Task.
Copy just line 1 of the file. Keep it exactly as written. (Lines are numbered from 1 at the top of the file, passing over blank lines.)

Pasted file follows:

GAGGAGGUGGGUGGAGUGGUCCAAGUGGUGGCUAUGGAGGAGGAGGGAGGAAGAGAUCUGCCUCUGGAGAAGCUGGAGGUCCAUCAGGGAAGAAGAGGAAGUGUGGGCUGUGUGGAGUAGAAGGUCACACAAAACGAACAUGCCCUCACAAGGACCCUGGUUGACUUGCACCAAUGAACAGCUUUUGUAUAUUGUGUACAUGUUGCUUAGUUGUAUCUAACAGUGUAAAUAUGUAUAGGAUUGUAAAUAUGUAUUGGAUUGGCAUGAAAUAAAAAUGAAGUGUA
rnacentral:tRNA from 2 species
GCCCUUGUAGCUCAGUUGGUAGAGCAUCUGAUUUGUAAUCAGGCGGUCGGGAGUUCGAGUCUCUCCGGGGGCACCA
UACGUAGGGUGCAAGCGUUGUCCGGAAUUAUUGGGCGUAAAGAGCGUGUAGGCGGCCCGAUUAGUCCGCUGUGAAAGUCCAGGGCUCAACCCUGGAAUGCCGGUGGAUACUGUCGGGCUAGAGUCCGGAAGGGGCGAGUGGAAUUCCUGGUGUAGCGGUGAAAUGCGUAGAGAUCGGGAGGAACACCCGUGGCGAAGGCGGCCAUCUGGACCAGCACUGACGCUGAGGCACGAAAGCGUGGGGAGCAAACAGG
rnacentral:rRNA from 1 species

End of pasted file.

GAGGAGGUGGGUGGAGUGGUCCAAGUGGUGGCUAUGGAGGAGGAGGGAGGAAGAGAUCUGCCUCUGGAGAAGCUGGAGGUCCAUCAGGGAAGAAGAGGAAGUGUGGGCUGUGUGGAGUAGAAGGUCACACAAAACGAACAUGCCCUCACAAGGACCCUGGUUGACUUGCACCAAUGAACAGCUUUUGUAUAUUGUGUACAUGUUGCUUAGUUGUAUCUAACAGUGUAAAUAUGUAUAGGAUUGUAAAUAUGUAUUGGAUUGGCAUGAAAUAAAAAUGAAGUGUA